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Why CrossFit's founder wants the government to put warning labels on sugary drinks

Why CrossFit's founder wants the government to put warning labels on sugary drinks
Crossfit Inc. Chief Executive Greg Glassman speaks about the Sugar-Sweetened Beverage Safety Warning Act during a November appearance at Fathom CrossFit in San Diego. (Eduardo Contreras / San Diego Union-Tribune)

By Roy M. Wallack

CrossFit changed fitness. Now, the high-intensity workout colossus wants to change our diets, by cutting back on sugar-packed sodas and energy drinks, considered by many the key agents in the steep rise of obesity and chronic diseases including diabetes.

"We're in a holy war with Big Soda," CrossFit founder Greg Glassman recently told a crowd of about 200 at Carson CrossFit on a Saturday night. "It's killing this country's health."

Glassman has been leading similar rallies at gyms across the state, all in support of the Sugar-Sweetened Beverages Safety Warning Act. Sponsored by state Sen. Bill Monning (D-Carmel), the act would require sugar warning labels on soft-drink cans, bottles and vending machines. The warning, similar to that on cigarette packs, would read in part, "Drinking beverages with added sugar(s) contributes to obesity, diabetes, and tooth decay."

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The proposal was defeated before a state health committe last year. Although a Field Poll that showed 74% of voters favor warning labels, the bill failed in part due to four lawmakers who abstained. A new vote is slated for Jan. 13.

And committee passage is a mission for Glassman.

He's been anti-sugar for decades, and has long made "Eat No Sugar" a cornerstone of CrossFit's philosophy.

"Training thousands of clients taught me that you are not going to exercise your way out of a [bad] diet," he said. He has joined forces with Harold Goldstein, the anti-soda activist and founder of the California Center for Public Health Advocacy. And he's also hired lobbyists, and launched a website called CrushBigSoda.com, all in a bid to convince vote abstainers to change their minds.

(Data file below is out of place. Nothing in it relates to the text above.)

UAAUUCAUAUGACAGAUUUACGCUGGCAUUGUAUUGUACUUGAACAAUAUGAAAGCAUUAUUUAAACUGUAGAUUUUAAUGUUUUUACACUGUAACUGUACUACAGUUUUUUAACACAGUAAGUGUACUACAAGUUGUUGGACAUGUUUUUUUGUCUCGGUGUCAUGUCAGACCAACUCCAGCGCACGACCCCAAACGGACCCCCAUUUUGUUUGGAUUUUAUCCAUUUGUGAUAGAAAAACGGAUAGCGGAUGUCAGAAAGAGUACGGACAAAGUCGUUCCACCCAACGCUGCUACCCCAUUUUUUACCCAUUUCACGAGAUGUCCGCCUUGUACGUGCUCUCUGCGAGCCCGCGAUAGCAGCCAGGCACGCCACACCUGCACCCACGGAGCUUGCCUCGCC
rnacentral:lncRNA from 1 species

He says CrossFit followers have targeted committee members with 4,500 emails so far.

The lawmakers who abstained at the last vote — state Sens. Ed Hernandez (D-West Covina), Richard D. Roth (D-Riverside), Isadore Hall III (D-Compton) and Janet Nguyen (R-Garden Grove) — declined to comment. Glassman notes that many of the lawmakers' constituents are black and Hispanic, two groups that disproportionately suffer high diabetes and obesity rates.

Nguyen's chief of staff, Mark Reeder, said her office has heard similar criticism: "We got a fair amount of unhappy letters … generally saying 'It's a health issue,'" he said. "Some minority groups met with us, thinking they are being targeted by the soda makers."

The American Beverage Assn. also declined to comment on Glassman's efforts, beyond issuing a statement: "Addressing obesity and diabetes is more complicated than a warning label, which is why California's legislators have repeatedly rejected misguided policies like SB 203."

Glassman is used to seeing people sprout muscles and shed fat in a few weeks after adopting a CrossFit lifestyle, including grueling workouts of burpees, thrusters and clean-and-jerks, and a diet that ditches processed food and sugar.

And he knows taking on sugary drinks is much harder.

"Every day in the gym, we fight chronic disease, but the debilitating effects of sugar are overpowering," Glassman said. "For the rest of my life, I'll be a one-issue guy.... It's reducing sugar consumption."

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